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In March 2008, Bayer HealthCare announced an agreement to acquire the portfolio and OTC division of privately owned Sagmel, Inc, a US-based company that markets OTC medications in most of the Commonwealth of Independent States countries such as Russia, Ukraine, Kazakhstan, Belarus, and others.

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In November 2010, Bayer AG signed an agreement to buy Auckland-based animal health company Bomac Group.

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In 2014, Bayer agreed to buy Merck's consumer health business for $14.

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In June 2015, Bayer agreed to sell its diabetic care business to Panasonic Healthcare Holdings for a fee of $1.

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Effective January 2016 following the spinout of Covestro, Bayer rebranded itself as a life sciences company, and restructured into three divisions and one business unit: Pharmaceuticals, Consumer Health, Crop Science, and Animal Health.

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In May 2016, Bayer offered to buy U S seeds company Monsanto for $62 billion.

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Shortly after Bayer's offer, Monsanto rejected the acquisition bid, seeking a higher price.

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Also in 2002, Bayer AG acquired the Dutch seed company Nunhems, which at the time was one of the world's top five seed companies.

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On 1 July 2011, Bayer CropScience agreed to a global settlement for up to $750 million.

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In 2016, as part of the wholesale corporate restructuring, Bayer CropScience became one of the three major divisions of Bayer AG, reporting directly to the head of the division, Liam Condon.

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The global headquarters of Bayer CropScience is located in St Louis, Missouri, United States.

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Bayer BioScience, headquartered in Hyderabad, India, has about 400 employees, and has research, production, and an extensive sales network spread across India.

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Bayer Pharma produces the birth control pills Yaz and Yasmin.

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Bayer MaterialScience was a supplier of high-tech polymers, and developed solutions for a broad range of applications relevant to everyday life.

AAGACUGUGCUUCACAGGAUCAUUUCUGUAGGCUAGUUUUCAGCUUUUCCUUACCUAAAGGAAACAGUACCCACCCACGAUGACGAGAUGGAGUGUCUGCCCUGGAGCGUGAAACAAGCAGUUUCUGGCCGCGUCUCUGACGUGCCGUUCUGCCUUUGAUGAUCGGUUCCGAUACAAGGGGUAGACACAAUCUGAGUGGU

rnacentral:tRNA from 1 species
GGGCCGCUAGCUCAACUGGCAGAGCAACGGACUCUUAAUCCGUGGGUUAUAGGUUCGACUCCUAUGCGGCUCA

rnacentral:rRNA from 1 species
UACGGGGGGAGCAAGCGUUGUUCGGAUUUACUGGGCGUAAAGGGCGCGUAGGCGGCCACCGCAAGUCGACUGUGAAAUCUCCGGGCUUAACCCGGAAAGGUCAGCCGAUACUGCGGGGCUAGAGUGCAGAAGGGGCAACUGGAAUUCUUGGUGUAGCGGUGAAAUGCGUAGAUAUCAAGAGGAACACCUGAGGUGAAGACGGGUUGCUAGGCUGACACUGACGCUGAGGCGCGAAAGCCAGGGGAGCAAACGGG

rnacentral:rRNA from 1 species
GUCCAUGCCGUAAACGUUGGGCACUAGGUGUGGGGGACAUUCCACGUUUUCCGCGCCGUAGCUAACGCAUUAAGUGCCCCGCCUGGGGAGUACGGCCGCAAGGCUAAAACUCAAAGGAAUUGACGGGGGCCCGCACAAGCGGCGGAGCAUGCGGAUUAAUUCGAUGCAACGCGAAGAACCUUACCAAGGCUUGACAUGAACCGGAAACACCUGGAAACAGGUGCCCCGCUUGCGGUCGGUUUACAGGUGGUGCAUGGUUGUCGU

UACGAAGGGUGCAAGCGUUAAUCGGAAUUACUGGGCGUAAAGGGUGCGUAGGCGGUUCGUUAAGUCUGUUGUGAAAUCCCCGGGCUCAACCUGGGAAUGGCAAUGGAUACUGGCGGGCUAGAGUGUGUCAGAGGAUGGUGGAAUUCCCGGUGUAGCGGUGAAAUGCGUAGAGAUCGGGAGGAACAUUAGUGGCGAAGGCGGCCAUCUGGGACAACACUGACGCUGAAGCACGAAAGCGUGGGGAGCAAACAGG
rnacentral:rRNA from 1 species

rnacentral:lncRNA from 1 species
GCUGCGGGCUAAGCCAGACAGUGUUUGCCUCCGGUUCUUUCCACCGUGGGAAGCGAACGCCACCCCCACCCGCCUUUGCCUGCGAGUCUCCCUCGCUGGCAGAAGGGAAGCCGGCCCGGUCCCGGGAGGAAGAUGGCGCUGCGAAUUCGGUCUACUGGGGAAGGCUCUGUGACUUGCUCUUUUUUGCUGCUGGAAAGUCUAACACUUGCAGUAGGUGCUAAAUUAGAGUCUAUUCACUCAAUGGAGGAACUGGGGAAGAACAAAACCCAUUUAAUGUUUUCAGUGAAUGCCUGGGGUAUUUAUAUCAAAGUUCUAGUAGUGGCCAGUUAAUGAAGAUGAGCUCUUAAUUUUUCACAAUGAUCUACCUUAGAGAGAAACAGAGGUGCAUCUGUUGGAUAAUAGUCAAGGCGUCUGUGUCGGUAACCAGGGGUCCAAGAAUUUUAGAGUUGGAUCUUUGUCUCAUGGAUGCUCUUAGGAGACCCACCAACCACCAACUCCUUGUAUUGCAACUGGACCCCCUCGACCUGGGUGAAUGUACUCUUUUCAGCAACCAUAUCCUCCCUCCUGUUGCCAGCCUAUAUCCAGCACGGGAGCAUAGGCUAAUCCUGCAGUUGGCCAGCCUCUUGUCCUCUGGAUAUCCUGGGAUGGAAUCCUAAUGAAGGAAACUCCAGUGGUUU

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On 18 September 2014, the Board of Directors of Bayer AG announced plans to float the Bayer MaterialScience business on the stock market as a separate entity.

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On 1 June 2015, Bayer announced that the new company would be named Covestro; Bayer formally spun out Covestro in September 2015.

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Bayer's shares traded at over €69 per share, and its market capitalization was valued at US€65.

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In September 2019, Bayer announced to reduce the number of management board members from seven to five to reduce overall costs.

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Bayer USA was given a score of 85 in the Human Rights Campaign's 2011 Corporate Equality Index, a measure of gay and lesbian workplace equality.

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Bayer received an EE- rating, the fourth tier in an eight-tier ranking.

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Jury found that the plaintiffs failed to prove that Bayer misrepresented its One A Day claims, and did not demonstrate that any of the class representative consumers who purchased One A Day relied on the so-called false information as part of their buying decision.

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Bayer misrepresented the results of its own research and knowingly supplied hemophilia medication tainted with HIV to patients in Asia and Latin America, without the precaution of heat treating the product, recommended for eliminating the risk.

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On 15 February 2020, Bayer-representing Monsanto- and BASF were ordered to pay not only the $15 million in damages, but an additional $250 million in punitive damages.

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In June 2020, Bayer agreed to pay $800 million to settle lawsuits in a variety of jurisdictions which claimed contamination of public waterways with PCBs by Monsanto before 1978.

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On 25 November 2020 U S District Judge Fernando M Olguin rejected Bayer's settlement offer, which was now at $650 million, and allowed Monsanto-related lawsuits involving PCB to proceed.